Thursday, September 21, 2006

"The dogs are never wrong"

Good to see this in Young People Now:
DrugScope has welcomed a recommendation by the Advisory Council on the Misuse of Drugs that drug testing and sniffer dogs should not be used in schools. The Pathways to Problems report says any gains from the policy would be offset by costs, organisational issues, and the potential impact on relationships between the school and its pupils.
There's also the little problem of accuracy. Forget what you've been told: sniffer dogs are far from infallible:
The only empirical research into the public deployment of drug dogs was conducted in New South Wales, Australia, and revealed that over a 12 month period 73 per cent of people searched as a result of dog indications had no drugs about their person.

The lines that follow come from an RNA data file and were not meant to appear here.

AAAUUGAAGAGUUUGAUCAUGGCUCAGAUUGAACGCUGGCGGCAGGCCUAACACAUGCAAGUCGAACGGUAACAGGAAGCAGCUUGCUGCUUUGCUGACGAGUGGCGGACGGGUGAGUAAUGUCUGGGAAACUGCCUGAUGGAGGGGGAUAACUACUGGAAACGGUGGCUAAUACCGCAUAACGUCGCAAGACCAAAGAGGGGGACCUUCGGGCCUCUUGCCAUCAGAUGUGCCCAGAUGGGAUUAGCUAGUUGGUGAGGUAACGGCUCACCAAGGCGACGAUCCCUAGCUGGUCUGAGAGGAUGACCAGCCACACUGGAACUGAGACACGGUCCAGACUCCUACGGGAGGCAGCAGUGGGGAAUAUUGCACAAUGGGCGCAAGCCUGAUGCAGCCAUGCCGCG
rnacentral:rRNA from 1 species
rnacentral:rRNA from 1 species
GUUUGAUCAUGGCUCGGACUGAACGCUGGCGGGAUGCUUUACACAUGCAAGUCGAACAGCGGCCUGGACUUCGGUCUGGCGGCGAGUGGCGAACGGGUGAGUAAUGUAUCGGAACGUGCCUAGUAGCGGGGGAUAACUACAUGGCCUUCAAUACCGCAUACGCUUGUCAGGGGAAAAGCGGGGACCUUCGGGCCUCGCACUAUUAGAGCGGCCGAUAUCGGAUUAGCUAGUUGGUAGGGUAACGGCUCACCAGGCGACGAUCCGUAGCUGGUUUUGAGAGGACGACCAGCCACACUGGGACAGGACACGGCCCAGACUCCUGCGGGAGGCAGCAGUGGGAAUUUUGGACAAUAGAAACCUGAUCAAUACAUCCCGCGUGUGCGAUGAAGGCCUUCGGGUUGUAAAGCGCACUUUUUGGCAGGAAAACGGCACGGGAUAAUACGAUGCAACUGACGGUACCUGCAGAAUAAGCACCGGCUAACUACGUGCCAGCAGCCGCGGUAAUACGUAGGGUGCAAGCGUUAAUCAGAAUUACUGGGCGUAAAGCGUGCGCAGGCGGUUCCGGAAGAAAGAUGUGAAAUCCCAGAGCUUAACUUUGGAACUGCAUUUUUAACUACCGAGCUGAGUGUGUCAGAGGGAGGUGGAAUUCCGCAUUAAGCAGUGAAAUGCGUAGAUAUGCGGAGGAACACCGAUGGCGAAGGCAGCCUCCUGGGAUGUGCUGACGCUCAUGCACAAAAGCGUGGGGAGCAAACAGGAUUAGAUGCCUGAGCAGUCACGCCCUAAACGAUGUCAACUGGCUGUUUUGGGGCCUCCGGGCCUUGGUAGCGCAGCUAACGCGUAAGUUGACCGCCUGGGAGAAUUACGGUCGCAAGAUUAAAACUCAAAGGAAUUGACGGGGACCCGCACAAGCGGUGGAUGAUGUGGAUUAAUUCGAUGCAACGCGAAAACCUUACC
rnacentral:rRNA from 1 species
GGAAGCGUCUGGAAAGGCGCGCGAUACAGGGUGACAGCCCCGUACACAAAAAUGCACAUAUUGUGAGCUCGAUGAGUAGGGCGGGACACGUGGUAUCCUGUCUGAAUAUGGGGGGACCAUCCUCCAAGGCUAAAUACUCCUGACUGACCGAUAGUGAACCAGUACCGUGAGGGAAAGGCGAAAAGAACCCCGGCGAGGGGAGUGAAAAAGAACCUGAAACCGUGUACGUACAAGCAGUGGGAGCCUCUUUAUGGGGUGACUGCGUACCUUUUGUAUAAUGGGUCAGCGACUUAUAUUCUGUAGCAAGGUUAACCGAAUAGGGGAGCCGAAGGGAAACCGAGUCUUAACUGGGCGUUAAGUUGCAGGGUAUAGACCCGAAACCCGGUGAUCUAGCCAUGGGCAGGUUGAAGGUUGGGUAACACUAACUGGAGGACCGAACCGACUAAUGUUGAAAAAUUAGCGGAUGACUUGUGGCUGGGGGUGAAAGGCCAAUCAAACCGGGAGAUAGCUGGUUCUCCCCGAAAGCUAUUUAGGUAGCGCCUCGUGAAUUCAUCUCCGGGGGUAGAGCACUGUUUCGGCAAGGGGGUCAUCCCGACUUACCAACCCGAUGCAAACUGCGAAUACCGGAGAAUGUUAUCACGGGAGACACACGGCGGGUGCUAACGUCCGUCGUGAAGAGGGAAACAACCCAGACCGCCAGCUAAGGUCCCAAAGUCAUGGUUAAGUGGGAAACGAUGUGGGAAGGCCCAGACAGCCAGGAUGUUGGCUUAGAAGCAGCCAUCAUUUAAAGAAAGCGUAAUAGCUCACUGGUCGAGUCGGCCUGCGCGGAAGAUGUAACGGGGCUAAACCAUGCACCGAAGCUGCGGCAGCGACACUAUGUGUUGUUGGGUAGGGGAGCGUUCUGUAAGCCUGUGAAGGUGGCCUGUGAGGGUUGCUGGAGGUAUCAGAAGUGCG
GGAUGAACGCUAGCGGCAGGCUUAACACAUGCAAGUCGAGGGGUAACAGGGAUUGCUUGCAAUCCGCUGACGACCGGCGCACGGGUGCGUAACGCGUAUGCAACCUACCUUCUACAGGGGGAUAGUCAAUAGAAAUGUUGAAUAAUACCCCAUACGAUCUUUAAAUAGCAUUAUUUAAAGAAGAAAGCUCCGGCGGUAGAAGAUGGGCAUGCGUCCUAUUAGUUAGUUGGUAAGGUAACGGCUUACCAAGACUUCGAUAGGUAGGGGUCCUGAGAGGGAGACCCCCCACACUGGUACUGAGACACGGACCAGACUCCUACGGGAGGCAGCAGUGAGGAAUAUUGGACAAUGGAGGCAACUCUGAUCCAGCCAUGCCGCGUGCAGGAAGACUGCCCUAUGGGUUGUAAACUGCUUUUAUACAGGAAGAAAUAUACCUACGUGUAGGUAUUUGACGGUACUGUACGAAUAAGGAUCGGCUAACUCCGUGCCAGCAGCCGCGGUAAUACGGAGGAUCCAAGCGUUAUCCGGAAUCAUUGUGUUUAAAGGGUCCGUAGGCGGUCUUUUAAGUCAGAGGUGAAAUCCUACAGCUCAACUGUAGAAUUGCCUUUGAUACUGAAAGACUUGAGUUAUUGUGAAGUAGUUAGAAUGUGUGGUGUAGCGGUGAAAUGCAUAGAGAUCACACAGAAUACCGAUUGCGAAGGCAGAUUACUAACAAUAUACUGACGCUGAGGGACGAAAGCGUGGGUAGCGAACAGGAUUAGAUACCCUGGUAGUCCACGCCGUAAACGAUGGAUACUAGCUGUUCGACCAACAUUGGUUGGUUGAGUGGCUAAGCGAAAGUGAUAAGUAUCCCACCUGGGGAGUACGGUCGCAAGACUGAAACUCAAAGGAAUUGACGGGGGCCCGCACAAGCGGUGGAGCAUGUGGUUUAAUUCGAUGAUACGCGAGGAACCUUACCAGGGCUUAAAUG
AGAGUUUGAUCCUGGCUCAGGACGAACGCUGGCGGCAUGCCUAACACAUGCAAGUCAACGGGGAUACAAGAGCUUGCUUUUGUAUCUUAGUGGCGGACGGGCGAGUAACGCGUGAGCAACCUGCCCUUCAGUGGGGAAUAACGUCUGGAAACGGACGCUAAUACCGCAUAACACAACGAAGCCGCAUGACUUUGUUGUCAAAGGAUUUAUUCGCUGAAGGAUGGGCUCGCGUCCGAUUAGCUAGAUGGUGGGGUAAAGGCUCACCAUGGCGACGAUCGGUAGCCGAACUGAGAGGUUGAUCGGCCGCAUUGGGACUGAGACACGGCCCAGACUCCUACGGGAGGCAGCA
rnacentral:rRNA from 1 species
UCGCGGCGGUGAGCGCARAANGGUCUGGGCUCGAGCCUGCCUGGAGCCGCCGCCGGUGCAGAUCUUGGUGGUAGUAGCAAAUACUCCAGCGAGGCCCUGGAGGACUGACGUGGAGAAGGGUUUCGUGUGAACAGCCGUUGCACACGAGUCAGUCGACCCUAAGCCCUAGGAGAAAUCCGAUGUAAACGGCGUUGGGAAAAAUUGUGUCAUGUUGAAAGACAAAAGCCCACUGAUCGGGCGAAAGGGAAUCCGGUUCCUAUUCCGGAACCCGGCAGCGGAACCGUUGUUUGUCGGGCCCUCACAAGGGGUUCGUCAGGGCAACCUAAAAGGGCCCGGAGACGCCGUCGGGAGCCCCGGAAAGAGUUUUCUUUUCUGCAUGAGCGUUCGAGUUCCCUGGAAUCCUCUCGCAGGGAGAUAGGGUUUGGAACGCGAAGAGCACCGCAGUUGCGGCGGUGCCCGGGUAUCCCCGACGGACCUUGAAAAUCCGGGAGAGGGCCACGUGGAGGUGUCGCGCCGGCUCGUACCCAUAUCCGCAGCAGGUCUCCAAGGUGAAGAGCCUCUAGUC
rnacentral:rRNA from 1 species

while in the US:
The use of dog indications to justify stop and searches has only recently come under legal scrutiny, and principally in the United States. In 2003, the District Court of Appeal in Florida (Matheson v State of Florida) found that the false response rate of dogs meant that an indication from a dog could not by itself provide the police with reasonable grounds to conduct a stop and search.


At Thursday, September 21, 2006 5:52:00 PM, Anonymous John Lettice said...

The NSW Ombudsman's report was published last week. Here:


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